The study of autism in numbers

1943

first publication


on 'autistic disturbances' by children's psychiatrist Leo Kanner
74

years of research


on Autism Spectrum Disorders (ASD), mainly by psychologists and psychiatrists
91

91% dealt with problems


Research focussing on treatment, causes, risk factors, diagnosis and surveillance.
9

only 9% with services


Research into services for persons with autism, other than treatment.


Examples of autistic pleasure
Autistic disturbances of affective contact

Donald Triplett

It was observed at an early time that Donald was happiest when left alone, almost never cried to go with his mother, did not seem to notice his father's homecoming, and was indifferent to visiting relatives.

He seems to be self-satisfied. He was always constantly happy and busy entertaining himself, but resented being urged to play with certain things. (...) He continued spinning objects and jumped up and down in ecstasy as he watched them spin.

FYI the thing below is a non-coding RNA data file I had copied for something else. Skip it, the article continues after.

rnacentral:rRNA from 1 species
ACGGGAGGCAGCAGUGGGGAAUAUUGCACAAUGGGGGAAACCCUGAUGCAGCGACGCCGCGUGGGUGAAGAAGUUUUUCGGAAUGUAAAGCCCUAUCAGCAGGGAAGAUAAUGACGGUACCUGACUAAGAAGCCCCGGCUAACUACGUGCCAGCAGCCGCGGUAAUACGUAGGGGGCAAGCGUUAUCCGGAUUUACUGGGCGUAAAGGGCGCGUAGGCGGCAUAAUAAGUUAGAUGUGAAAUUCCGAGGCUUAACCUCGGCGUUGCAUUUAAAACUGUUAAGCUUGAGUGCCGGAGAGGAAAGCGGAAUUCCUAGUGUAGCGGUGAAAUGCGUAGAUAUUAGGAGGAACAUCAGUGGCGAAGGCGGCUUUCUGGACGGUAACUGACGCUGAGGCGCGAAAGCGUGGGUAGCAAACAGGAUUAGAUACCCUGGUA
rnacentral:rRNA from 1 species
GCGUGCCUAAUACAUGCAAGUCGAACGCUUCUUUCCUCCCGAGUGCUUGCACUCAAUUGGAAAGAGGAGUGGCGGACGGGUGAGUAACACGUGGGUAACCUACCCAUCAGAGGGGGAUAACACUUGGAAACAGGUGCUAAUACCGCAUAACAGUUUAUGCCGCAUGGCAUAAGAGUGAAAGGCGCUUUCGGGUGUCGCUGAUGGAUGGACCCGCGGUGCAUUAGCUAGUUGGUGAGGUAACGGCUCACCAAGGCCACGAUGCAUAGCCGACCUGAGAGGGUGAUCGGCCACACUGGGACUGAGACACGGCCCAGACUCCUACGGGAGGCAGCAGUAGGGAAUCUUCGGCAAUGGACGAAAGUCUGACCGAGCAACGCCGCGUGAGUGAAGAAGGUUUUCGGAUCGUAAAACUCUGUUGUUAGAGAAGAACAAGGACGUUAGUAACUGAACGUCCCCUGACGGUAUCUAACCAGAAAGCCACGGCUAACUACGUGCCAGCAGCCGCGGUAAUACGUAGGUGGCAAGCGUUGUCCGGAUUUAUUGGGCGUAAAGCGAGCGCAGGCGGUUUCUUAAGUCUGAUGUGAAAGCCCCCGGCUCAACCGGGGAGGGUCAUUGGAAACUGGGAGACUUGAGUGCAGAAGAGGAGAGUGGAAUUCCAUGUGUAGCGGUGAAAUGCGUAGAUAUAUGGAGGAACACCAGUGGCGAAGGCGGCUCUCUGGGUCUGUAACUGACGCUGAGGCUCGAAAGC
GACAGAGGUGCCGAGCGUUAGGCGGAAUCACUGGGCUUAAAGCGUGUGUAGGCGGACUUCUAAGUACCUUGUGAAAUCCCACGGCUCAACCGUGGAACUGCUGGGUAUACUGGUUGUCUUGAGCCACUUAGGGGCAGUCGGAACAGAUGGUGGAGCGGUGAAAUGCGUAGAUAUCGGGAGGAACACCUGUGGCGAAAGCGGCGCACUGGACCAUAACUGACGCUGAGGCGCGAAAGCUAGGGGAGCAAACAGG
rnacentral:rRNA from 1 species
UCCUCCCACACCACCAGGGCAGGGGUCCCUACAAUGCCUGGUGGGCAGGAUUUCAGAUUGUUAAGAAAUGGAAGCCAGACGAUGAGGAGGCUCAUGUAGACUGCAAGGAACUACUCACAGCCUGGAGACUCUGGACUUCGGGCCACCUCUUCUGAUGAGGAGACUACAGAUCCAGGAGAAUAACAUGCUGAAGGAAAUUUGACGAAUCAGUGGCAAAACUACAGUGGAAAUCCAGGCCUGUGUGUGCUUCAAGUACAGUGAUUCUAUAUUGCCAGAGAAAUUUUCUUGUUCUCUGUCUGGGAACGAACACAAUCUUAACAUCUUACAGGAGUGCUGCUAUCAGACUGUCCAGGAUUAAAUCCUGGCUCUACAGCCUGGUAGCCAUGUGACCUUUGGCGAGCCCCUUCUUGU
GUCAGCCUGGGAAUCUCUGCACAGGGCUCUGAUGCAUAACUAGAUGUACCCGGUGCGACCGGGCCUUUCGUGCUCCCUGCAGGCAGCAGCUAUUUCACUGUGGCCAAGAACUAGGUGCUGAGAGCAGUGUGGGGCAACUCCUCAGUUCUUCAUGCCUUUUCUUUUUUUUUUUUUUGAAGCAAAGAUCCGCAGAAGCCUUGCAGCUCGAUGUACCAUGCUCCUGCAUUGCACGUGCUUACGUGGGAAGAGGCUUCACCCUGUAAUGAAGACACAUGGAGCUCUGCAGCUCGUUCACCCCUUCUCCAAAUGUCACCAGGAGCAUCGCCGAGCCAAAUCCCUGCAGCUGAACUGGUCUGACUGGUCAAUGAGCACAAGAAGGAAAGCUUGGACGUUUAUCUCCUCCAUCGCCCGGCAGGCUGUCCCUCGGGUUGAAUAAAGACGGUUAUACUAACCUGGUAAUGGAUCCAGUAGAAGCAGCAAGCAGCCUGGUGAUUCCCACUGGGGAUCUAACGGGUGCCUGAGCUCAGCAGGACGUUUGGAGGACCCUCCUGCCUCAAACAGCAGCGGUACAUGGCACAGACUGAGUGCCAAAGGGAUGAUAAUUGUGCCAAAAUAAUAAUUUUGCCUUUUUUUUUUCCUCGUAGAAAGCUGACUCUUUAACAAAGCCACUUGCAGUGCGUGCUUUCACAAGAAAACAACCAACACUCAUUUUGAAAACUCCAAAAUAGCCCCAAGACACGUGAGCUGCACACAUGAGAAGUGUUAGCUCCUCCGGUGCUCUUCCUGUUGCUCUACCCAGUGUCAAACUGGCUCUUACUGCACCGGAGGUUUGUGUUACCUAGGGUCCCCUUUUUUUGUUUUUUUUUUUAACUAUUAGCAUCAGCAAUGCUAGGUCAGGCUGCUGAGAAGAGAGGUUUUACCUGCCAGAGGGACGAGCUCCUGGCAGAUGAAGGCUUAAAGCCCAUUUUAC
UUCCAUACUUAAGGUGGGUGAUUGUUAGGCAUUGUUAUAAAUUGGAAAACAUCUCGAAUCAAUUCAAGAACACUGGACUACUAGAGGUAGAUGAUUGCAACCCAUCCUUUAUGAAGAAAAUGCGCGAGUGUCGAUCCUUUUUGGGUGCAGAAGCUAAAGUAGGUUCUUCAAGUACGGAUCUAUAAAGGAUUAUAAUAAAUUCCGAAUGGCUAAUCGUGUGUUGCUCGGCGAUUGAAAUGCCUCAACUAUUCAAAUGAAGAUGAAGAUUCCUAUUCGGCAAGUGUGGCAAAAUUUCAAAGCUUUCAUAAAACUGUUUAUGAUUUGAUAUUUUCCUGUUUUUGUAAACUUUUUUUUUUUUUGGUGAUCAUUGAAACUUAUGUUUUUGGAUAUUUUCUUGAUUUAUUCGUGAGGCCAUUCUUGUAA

Leo Kanner (1943)

Ante laculis viverra

Jonathan Barton

We see when Jonny recognizes a situation and knows what to do. We see the pleasure in his face, the clear indication that he is thinking 'I know this one. I can do this.' He oversees the washing-up now, making sure we do it properly and put everything away after he has dried it.

He wipes the table and puts the cloths away, all the time beaming with pleasure, calm, happy to see something finished properly.

Sheila Burton

What is often so missing from accounts of autism, is an idea of pleasure. Nearly all the stories that circulate about the condition are of difficulties, of screams and rage, of despair. (...) The idea that anything associated with this could in any way contain pleasure seems too perverse, too contradictory. Yet in many ways autism centres on an idea of pleasure.

Stuart Murray in Representing Autism: Culture, Narrative, Fascination (2008), p. 49

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